Where to find free Wi-Fi in Greece

ATHENS, GREECE -- This ancient city is a metropolis of contradictions and surprises. For us "extreme telecommuters," one of them is this: Starbucks in Greece charges you $660 for a month of Wi-Fi access. But right next door is a better coffee joint where a month of Wi-Fi costs you zero. Hmmmm. Which to choose….

On my second major foray into the "extreme telecommuting," nomadic lifestyle (the first was Central America), I find myself living in -- and working from -- Greece. I've been here in Athens nearly a week, and I've learned three valuable rules: 1) never stop looking for a better connection; 2) never give up on your U.S. carrier; and 3) never leave your Kindle behind. I'll deal with each of these in a three-part series.

1) Never stop looking for a better connection.

Internet cafes and their ilk in Greece cost a pretty penny in the best of times. But with the current weakness in the dollar, American travelers looking to connect get hammered.

To compare apples to apples, as it were, consider wireless access at Starbucks. In the United States, using the old T-Mobile network, a 24-hour "day pass" for in-Starbucks access costs $10 in the United States, and $22 in Greece.

It gets worse: If you're going to be actually (but temporarily) living in Greece, as I am, and want some kind of discount for buying access a month at a time, forget it. 24 hours is the largest chuck of access you can buy at a Greek Starbucks. So for a 30-day month, you'll pay $660 for Wi-Fi access per month! In the U.S., the month-to-month fee is $40 per month (and if you make a one-year commitment it's $30 per month).

Greek Starbucks also charge you $9.50 for two hours of access (roughly the same price as 24 hours in the U.S.).

Starbucks rates are more or less comparable to just about every cyber café I've look at in Athens, and free connections seemed nonexistant. When you're telecommuting, and need to be connected pretty much all day, as I do, going the cyber café or Starbucks route can be a financial body blow.

However, since I've been in Athens, I've been dropping into cyber cafes and coffee joints every chance I've gotten to inquire about prices and connection speeds.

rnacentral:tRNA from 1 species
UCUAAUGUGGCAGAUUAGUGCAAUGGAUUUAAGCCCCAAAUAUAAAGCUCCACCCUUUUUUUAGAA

Here's the funny part. I entered my first Greek Starbucks to learn about their pricing. Next door to that Starbucks was another coffee joint called FloCafe, so I checked that out as well. And guess what? Free, unlimited (albeit, ad-supported) Wi-Fi!

It gets better: The coffee is better than Starbucks, they serve food and alcohol, too, and have plenty of seating (I'm guessing the one I'm in now seats about 150 people). Better still, it appears to be a pretty big chain -- there are something like 36 FloCafes in the Greater Athens area, and another 21 in the rest of Greece. They're open from 7am to 2am! The late hours are ideal for "extreme telecommuters" from the U.S. -- 2am in Athens is 4pm in Silicon Valley and 7pm in New York, so it's nice to be able to be online during U.S. business hours.

Although the Wi-Fi is storewide (provided by AltecTelecoms), only one small section of the café offers electrical outlets. Fortunately, Greeks appear to be far more interested in talking and smoking than connecting and surfing. It's mid-afternoon, and I'm counting some 45 or so customers here. I'm the only American, so 100% of the Americans are using the Wi-Fi connection. And only one Greek guy is. So there's no competition for the outlets, as there often is in U.S. Starbucks and other such places.

There may be other places in Greece to connect free -- I'll keep looking -- but if you're ever in this country, find the nearest FloCafe. And when you're traveling anywhere, never stop looking for a better -- or cheaper -- connection.

Tomorrow: "Never give up on your U.S. carrier."

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Copyright © 2008 IDG Communications, Inc.

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